No Time Like the Future

Something for Cyber Monday?

Review of Labor Day by Joseph Farley

With Labor Day, Joseph Farley, a longtime fixture in Philadelphia’s underground literary scene, has raided parts previously unknown and come back with a science fiction novel, of all things, worth a second and even third reading. Of course, for those familiar with Farley’s poetry, it’s hard enough to imagine the poet behind the emotionally complex yet dispassionately composed Longing for the Mother Tongue working in common prose, let alone the most popular of popular genres. And yet, despite the whiff of pulp inherent in genre fiction, we should remind ourselves that on the same shelves where so much of tomorrow’s hamster bedding resides we also find the works of Philip K. Dick, Arthur C. Clarke, George Orwell, Anthony Burgess and Ray Bradbury.

Of course, this is only to say that even the most sophisticated readers among us should keep an open mind. And, indeed, in the case of Farley’s novel, they won’t be disappointed if they do. What is delightful about Labor Day is, in a word, how thoughtful a book it is, without sacrificing an inch of plain, giddy Twilight Zone-style dystopian fun. Farley seems to have had a hilariously good time upending the conventions of both speculative fiction and literary pretension, without letting these ends eclipse the kinetic drive of a book with enough pulse to stir those looking for an exciting read over the holidays.

But perhaps the most interesting part of all this is how Farley strikes this balance: science fiction, like all genre work, has its conventions, and its fans expect, nay, demand them—to the point that (as yours truly can attest, having worked as a pro comic-strip writer) such readers will often react ferociously if a story swerves even slightly from the comfort zone of their cozy clichés. Farley, however, fiddles with the convention of convention itself, assembling Labor Day from a hodgepodge of smart readings and re-renderings. We find bits of 1984 in how the novel’s protagonist, Tom Fried (and do notice the dual pronunciation here, by the way), finds himself under constant surveillance; we also have something of an homage to The Metamorphosis, insomuch as Fried’s world is dominated by man-size cockroaches; and we even discover random references to key scenes from other works, as when a couple of police in Labor Day kick the bejesus out of an old drunk, à la A Clockwork Orange.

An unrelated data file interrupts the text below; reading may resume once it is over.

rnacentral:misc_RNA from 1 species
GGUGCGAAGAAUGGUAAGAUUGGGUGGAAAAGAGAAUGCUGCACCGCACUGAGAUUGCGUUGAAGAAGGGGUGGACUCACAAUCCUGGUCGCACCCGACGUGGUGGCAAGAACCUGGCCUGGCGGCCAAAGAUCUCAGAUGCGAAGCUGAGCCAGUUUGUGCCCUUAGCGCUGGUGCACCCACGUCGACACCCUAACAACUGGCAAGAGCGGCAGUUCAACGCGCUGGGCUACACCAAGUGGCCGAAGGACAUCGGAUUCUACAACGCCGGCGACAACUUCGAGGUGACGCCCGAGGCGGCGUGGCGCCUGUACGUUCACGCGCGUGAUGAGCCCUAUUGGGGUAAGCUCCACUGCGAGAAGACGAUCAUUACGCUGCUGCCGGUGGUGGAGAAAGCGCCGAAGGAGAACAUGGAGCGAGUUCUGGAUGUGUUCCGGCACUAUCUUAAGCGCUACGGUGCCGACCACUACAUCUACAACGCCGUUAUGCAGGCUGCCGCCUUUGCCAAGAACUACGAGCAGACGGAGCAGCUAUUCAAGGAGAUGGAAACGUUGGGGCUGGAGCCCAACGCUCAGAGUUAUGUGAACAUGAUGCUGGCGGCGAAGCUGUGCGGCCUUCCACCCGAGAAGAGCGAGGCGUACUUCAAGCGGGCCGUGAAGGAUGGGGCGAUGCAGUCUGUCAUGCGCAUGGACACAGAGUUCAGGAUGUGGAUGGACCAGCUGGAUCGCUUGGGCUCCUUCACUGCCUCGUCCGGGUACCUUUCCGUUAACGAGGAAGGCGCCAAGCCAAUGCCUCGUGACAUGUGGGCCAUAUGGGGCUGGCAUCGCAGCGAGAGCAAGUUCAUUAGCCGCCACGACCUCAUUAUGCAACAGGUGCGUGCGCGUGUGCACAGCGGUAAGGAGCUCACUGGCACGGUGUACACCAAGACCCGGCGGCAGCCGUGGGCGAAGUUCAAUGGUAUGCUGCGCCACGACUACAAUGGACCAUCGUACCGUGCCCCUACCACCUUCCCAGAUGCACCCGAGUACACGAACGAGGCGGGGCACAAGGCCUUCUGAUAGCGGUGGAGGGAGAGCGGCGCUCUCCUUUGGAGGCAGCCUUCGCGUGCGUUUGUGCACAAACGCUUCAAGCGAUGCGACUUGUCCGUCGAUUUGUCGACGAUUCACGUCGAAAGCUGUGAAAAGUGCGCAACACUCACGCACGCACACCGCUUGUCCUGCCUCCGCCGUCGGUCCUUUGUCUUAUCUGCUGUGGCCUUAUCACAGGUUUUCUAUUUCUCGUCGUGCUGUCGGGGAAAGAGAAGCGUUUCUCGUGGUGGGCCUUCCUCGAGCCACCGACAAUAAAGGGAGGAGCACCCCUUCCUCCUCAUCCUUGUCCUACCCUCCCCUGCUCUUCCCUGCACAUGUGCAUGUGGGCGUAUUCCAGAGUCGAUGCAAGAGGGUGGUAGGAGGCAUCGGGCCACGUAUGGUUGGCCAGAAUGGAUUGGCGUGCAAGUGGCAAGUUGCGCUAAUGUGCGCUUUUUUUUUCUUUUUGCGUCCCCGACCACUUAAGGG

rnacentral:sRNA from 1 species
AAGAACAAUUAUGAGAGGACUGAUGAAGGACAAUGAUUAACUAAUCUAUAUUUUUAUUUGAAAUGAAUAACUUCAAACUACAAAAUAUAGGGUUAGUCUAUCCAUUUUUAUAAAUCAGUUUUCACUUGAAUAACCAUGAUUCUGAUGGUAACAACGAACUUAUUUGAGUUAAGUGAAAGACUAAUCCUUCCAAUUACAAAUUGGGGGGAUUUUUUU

Still, to merely name these easy allusions isn’t to do Labor Day full justice. Labor Day ’s middle-age author, it seems, wasn’t satisfied until he had appropriated pieces of everything he grew up with, including one work that is about as sci-fi as an alarm clock: Guess Who’s Coming to Dinner. Nor is this allusion nearly as oblique as that made to Burgess’s “bit of the ol’ ultraviolent.”  Arguably, any reader who isn’t reminded of the Draytons by Fried’s near apoplexy at learning of his daughter's plans to bring a cockroach home isn’t actually reading. Moreover, the scene comes after Farley makes it expressly clear that the world of Labor Day is, quite literally, post-racial as far as homo-sapiens are concerned; Fried, for instance, is described as having a “flat nose … almond-shaped eyes … [and] black curls,” as are all the other humans we meet throughout the novel. So, while at first glance it might seem Sidney Poitier’s Dr. Prentice is being compared to a man-size cockroach in Labor Day, Farley’s book is quite obviously aiming for something else altogether.

No doubt, race is a standard theme in American sci-fi. Don’t believe me? Consider whether ET is just an extraterrestrial, or whether our several definitions of alien are coincidental. No, by convention the bulk of today’s mainstream American sci-fi seemingly can’t keep itself from pitting a majority of lily-white humans against a malevolent minority of humanoids with a few features unnervingly dissimilar from humans’ (think Star Trek’s Klingons); at its softest, this implicit racism takes the form of a token alien friend like, say, Star Wars’ Chewbacca. But we must also remember that Han Solo wastes a good number of other others at the Mos Eisley Canteen before picking up Luke and company.